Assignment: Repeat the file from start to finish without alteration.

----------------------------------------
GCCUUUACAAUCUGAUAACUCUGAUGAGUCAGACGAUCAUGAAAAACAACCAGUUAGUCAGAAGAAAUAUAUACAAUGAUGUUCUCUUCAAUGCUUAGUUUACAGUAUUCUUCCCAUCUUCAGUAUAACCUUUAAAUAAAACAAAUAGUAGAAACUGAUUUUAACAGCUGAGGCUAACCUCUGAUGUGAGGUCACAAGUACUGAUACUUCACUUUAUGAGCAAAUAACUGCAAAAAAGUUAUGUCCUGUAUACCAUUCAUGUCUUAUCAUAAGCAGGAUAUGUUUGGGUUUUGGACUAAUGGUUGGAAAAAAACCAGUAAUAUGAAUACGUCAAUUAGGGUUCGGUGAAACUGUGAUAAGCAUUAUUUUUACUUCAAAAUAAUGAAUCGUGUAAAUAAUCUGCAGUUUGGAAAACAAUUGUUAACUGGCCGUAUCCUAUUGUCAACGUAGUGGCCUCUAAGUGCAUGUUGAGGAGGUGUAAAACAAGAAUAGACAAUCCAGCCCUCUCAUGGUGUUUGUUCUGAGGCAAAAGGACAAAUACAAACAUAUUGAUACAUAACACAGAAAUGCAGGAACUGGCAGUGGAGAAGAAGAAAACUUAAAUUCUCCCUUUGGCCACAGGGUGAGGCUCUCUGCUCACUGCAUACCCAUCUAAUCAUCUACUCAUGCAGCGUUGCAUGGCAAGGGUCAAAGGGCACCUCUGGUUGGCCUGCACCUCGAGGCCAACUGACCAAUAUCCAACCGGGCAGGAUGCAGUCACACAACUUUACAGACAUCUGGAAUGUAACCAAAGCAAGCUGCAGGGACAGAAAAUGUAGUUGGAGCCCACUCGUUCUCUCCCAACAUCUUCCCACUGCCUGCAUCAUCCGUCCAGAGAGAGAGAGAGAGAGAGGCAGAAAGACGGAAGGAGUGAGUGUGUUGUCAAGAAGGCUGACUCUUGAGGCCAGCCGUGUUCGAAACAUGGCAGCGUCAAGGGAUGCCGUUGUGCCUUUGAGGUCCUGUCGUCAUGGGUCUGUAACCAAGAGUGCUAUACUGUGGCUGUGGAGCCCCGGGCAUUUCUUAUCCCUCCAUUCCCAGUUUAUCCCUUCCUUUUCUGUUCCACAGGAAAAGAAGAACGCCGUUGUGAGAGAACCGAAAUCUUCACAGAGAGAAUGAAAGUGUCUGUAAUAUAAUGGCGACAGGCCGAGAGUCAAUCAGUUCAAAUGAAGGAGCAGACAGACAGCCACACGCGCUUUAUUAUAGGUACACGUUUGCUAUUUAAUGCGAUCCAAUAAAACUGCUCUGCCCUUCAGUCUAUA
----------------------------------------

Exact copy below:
GCCUUUACAAUCUGAUAACUCUGAUGAGUCAGACGAUCAUGAAAAACAACCAGUUAGUCAGAAGAAAUAUAUACAAUGAUGUUCUCUUCAAUGCUUAGUUUACAGUAUUCUUCCCAUCUUCAGUAUAACCUUUAAAUAAAACAAAUAGUAGAAACUGAUUUUAACAGCUGAGGCUAACCUCUGAUGUGAGGUCACAAGUACUGAUACUUCACUUUAUGAGCAAAUAACUGCAAAAAAGUUAUGUCCUGUAUACCAUUCAUGUCUUAUCAUAAGCAGGAUAUGUUUGGGUUUUGGACUAAUGGUUGGAAAAAAACCAGUAAUAUGAAUACGUCAAUUAGGGUUCGGUGAAACUGUGAUAAGCAUUAUUUUUACUUCAAAAUAAUGAAUCGUGUAAAUAAUCUGCAGUUUGGAAAACAAUUGUUAACUGGCCGUAUCCUAUUGUCAACGUAGUGGCCUCUAAGUGCAUGUUGAGGAGGUGUAAAACAAGAAUAGACAAUCCAGCCCUCUCAUGGUGUUUGUUCUGAGGCAAAAGGACAAAUACAAACAUAUUGAUACAUAACACAGAAAUGCAGGAACUGGCAGUGGAGAAGAAGAAAACUUAAAUUCUCCCUUUGGCCACAGGGUGAGGCUCUCUGCUCACUGCAUACCCAUCUAAUCAUCUACUCAUGCAGCGUUGCAUGGCAAGGGUCAAAGGGCACCUCUGGUUGGCCUGCACCUCGAGGCCAACUGACCAAUAUCCAACCGGGCAGGAUGCAGUCACACAACUUUACAGACAUCUGGAAUGUAACCAAAGCAAGCUGCAGGGACAGAAAAUGUAGUUGGAGCCCACUCGUUCUCUCCCAACAUCUUCCCACUGCCUGCAUCAUCCGUCCAGAGAGAGAGAGAGAGAGAGGCAGAAAGACGGAAGGAGUGAGUGUGUUGUCAAGAAGGCUGACUCUUGAGGCCAGCCGUGUUCGAAACAUGGCAGCGUCAAGGGAUGCCGUUGUGCCUUUGAGGUCCUGUCGUCAUGGGUCUGUAACCAAGAGUGCUAUACUGUGGCUGUGGAGCCCCGGGCAUUUCUUAUCCCUCCAUUCCCAGUUUAUCCCUUCCUUUUCUGUUCCACAGGAAAAGAAGAACGCCGUUGUGAGAGAACCGAAAUCUUCACAGAGAGAAUGAAAGUGUCUGUAAUAUAAUGGCGACAGGCCGAGAGUCAAUCAGUUCAAAUGAAGGAGCAGACAGACAGCCACACGCGCUUUAUUAUAGGUACACGUUUGCUAUUUAAUGCGAUCCAAUAAAACUGCUCUGCCCUUCAGUCUAUA